--3 phase supply (208/120V) 4 wire (ABCN) 3000W supplied
-> 3000W/4 = 750 Watts per wire - 12% higher
For 3 phase 240V line to line loads - assume 10A per wire:
--Single phase supply 2 wire (AB)- watts supplied = 2400W
-> 2400W/2 = 1200 Watts per wire
--3 phase supply (240V delta) 3 wire (ABC) watts supplied = 10 X 240 X
SQR(3) = 4157W mo
-> 4157/3 = 1386 watts per wire - 15.5% higher
3 phase is also a significant advantage in all but small motors. Also
can be in power supplies.
Here's where I was coming from guys:
Say the 2000W load is composed of two 1000W loads in series, connected
across that single phase 240V supply.
So, there's zero current in the neutral.
And, each of the two wires (A&B) is carrying 2000/240 = 8.33 Amps.
Thus the line losses (in Watts) are equal to that current times the
resistance of each wire. Let's assume 1 ohm resistance in each wire, so
the total line losses for the two wires (AB) will be 16.66W while
powering a 2000W load.
Now take the 3 phase supply (208/120V) 4 wire (ABCN), and let the load
be three 1000 watt loads connected in a star pattern, dissipating a
total of 3000 watts. (It's easier for me to do visualize current flows
with a star rather than a delta.)
Because everything is balanced there's zero current in the neutral in
this case too.
The current in each of the three wires (ABC) is 1000/120 = 8.33 Amps,
just like the single phase example. If they are the same 1 ohm wires,
the total line losses for the three wires (ABC) are 24.99 Watts
Now, 2000/3000 = 16.66/24.99, so the "power tranmission efficiency" per
wire is the same, IF the loads are balanced and you can get away WITHOUT
a neutral wire.
I agree that's not usually a code permitted case, so 'ya got me on the
"wire count efficiency" if the neutral has to be there, even though it's
not carrying any current and dissipating any losses.
True [will be the same loss if one 1000W load is turned off]
Also true [will probably also be the same loss with any total load of 2000W]
If you can ignore the neutral also true. (But not counting the neutral
Beachcomber's post was the power delivered per per pound of copper, in
which case 3 phase provides more power per wire (and per pound of copper).
For efficiency, if we use your example ignoring the neutral, 3 phase is
still more efficient since the losses per wire are the same but the
losses are divided by a larger power delivered for 3 phase. Thus the
percent losses are lower for 3 phase making the efficiency per wire
higher. (Actually losses should have been divided by the power supplied
to the wire.)
If neutrals are included in calculating loss per wire, the 3 phase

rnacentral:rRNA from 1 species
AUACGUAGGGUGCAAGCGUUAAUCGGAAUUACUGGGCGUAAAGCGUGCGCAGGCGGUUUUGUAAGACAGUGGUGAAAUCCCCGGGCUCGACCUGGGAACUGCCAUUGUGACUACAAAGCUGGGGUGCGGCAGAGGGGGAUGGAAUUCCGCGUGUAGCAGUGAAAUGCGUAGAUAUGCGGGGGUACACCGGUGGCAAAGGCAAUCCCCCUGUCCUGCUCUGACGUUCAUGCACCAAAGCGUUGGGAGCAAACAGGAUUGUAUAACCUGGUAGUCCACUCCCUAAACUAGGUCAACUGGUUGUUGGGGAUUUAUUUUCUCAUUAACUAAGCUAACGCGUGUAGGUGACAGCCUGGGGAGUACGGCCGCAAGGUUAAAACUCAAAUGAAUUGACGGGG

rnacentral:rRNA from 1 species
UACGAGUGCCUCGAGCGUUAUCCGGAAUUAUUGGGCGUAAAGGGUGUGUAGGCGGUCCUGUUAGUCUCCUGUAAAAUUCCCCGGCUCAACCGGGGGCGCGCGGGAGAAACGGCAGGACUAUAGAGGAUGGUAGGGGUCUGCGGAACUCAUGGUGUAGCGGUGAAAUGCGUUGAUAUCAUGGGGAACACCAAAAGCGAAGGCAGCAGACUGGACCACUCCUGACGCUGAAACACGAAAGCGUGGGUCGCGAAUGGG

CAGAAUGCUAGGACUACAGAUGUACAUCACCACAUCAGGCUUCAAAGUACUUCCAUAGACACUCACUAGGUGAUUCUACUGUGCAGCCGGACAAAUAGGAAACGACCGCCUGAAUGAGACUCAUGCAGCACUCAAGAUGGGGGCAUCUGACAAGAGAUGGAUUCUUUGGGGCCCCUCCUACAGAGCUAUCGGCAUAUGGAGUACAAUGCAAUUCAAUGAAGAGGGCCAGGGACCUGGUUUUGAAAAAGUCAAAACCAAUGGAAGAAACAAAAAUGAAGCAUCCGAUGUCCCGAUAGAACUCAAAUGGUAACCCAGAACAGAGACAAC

efficiency is improved.
At the risk of making a total PIA of myself over this, bud, I was
showing that the losses per wire (In my example 8.33 Watts per wire.)
were the same for each wire, in both the single phase (2 wires) and
three phase (3 wires) examples.
The power in the three phase example (3000 Watts) was 1.5 times the
power of the single phase one (2000 watts) as were the losses in both
So, I still can't agree that the losses expressed as a percentage of the
delivered power (or the supplied power, which as you point out below is
"correcter".) would be different for the two examples I gave.
Agreed, three phase will take less pounds of copper per unit of
delivered power, at the same voltage of course.
Yea that works, but only if you ignore the neutrals. It also requires
the loads to have the same I-V characteristic. In the real world that is
unlikely which would result in too high a voltage on the lower wattage
loads (which is why it is a code violation unless designed as part of a
Ignoring the code, the real world connection would likely be all 240V
loads supplied by single phase 240V 2 wire, or 3 phase 240V 3 wire
delta. Load matching would not be an issue then. In that case the 3
phase delivers more power per wire.
Also when you have a building which has a 3 phase service, a lot of the
stuff is not 3 phase - lighting, 120 V outlets, etc. So you want to balance
the load in the panel. Some circuits will be on one phase, others on the
next, and the rest on the third.
So this is why you might see three big huge wires and a little teeny tiny
4th wire for a 3 phase business electrical service. Most of the load is
balanced between the 3 phases.
Same as with a house where you want half on one leg and the other half on
the other leg.
FYI - Connecting the wires on an electric motor for 3 phase can be complex
to say the least, as there are different types of 3 phase service. Scroll
down to "Three Phase Motors-Single Speed" on the following link...